Can PET-CT Scans be used to Guide the Treatment of Advanced Hodgkin Lymphoma?

Lisa Roth, MD
Lisa Roth, MD

By Lisa Roth, MD

The New England Journal of Medicine recently published results from a study where researchers used positron-emission tomography-computed tomography (PET-CT) scans to guide treatment for patients with advanced Hodgkin lymphoma. The chemotherapy used to treat Hodgkin lymphoma can be associated with long-term health risks including toxicity in the lungs as a result of the chemotherapy agent bleomycin. Decreasing the risk of long-term toxicity is especially important in Hodgkin lymphoma where the majority of patients will be cured of their disease and their long term quality of life heavily factors into treatment decisions.

In this study patients were treated with 2 cycles of the chemotherapy regimen ABVD, which includes bleomycin. After 2 cycles of ABVD patients underwent a PET-CT scan. Patients who had a positive PET scan received more intensive therapy with the BEACOPP chemotherapy regimen. Patients who had a negative PET-CT were randomly assigned to continue treatment with ABVD or receive AVD, which does not include bleomycin. The outcomes of the ABVD and AVD groups were compared.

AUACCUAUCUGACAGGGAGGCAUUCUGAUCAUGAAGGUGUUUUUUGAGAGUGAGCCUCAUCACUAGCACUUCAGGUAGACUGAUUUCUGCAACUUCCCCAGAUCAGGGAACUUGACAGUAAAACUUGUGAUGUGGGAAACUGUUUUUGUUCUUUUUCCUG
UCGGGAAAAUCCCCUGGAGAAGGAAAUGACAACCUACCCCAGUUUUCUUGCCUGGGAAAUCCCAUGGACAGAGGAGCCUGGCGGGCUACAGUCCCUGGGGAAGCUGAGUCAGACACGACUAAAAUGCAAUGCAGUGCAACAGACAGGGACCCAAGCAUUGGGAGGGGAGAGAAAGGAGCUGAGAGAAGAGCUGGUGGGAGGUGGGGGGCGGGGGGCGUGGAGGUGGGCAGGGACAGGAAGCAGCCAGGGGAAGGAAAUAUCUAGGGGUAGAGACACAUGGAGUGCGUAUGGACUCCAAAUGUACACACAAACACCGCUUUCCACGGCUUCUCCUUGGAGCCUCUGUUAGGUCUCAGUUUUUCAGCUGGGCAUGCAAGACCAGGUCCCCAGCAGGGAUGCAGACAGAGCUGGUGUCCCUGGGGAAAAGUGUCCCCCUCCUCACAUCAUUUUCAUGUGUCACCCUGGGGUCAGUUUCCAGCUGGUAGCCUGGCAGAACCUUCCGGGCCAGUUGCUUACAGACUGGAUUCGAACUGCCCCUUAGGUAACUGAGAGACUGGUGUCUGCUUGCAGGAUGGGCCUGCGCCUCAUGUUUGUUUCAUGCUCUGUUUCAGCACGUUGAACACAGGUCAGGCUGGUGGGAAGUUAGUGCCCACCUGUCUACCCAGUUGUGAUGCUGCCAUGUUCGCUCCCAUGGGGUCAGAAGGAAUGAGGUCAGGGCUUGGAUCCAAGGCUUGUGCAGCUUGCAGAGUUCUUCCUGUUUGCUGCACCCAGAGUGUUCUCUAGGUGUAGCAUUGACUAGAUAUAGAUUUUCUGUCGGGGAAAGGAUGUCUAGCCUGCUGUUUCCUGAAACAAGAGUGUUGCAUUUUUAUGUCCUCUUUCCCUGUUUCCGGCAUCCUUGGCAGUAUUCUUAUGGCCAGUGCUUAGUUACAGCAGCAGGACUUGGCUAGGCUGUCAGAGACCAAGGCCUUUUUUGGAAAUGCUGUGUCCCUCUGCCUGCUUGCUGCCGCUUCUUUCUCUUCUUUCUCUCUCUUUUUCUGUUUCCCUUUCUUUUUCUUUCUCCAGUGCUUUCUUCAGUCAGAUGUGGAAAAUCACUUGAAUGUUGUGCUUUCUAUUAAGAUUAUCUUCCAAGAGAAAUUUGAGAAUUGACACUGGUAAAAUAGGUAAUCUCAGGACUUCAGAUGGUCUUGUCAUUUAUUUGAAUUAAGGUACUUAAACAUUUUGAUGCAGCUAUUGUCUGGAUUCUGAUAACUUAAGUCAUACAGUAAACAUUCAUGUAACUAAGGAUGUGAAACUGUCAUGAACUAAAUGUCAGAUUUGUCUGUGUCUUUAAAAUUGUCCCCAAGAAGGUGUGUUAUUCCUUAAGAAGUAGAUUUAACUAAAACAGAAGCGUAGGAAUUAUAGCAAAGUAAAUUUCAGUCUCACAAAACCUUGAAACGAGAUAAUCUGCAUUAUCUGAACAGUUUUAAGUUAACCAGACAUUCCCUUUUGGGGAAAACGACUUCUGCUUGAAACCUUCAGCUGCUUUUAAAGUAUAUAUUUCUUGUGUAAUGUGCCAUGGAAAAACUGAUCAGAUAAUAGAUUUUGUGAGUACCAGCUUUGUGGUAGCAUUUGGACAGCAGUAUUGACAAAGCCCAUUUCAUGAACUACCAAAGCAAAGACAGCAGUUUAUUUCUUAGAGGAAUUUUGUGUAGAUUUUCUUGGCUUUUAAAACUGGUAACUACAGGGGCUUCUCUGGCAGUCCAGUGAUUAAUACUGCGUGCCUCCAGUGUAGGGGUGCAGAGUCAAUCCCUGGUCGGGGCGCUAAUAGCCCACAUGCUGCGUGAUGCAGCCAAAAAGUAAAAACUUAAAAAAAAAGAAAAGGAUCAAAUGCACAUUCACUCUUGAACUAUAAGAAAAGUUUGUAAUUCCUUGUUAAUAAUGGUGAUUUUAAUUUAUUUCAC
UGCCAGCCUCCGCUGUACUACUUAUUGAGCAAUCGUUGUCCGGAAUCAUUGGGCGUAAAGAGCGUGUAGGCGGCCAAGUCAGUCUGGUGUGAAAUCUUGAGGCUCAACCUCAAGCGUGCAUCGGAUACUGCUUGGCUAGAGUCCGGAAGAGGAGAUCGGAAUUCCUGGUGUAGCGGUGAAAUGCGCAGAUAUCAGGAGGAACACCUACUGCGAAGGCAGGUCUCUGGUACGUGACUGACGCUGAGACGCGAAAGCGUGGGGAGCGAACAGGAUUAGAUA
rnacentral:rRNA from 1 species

A total of 1,214 patients enrolled in this trial and the majority (83.7%) had a negative PET-CT after two cycles of ABVD. The statistical analysis comparing the group receiving ABVD with the group receiving AVD was designed to determine if AVD was not inferior to ABVD non-inferiority. Although the data fell just short of demonstrating non-inferiority, the difference in outcome between the AVD and ABVD groups was minimal (1.6%). Importantly, the risk of lung toxicity was higher in the group of patients who continued to receive ABVD.

This data suggests that omitting bleomycin in the treatment of patients with advanced Hodgkin lymphoma, who have a negative PET-CT after 2 cycles of ABVD, decreases the risk of lung toxicity without significantly increasing the risk of relapse.

Author: lymphomaprogram

Located on the Upper East Side of New York City, the Lymphoma Program at Weill Cornell Medical College/NewYork Presbyterian Hospital is internationally recognized for our efforts to enable patients with non-Hodgkin lymphoma, Hodgkin disease and related disorders to have the best possible clinical outcome, including cure when possible.

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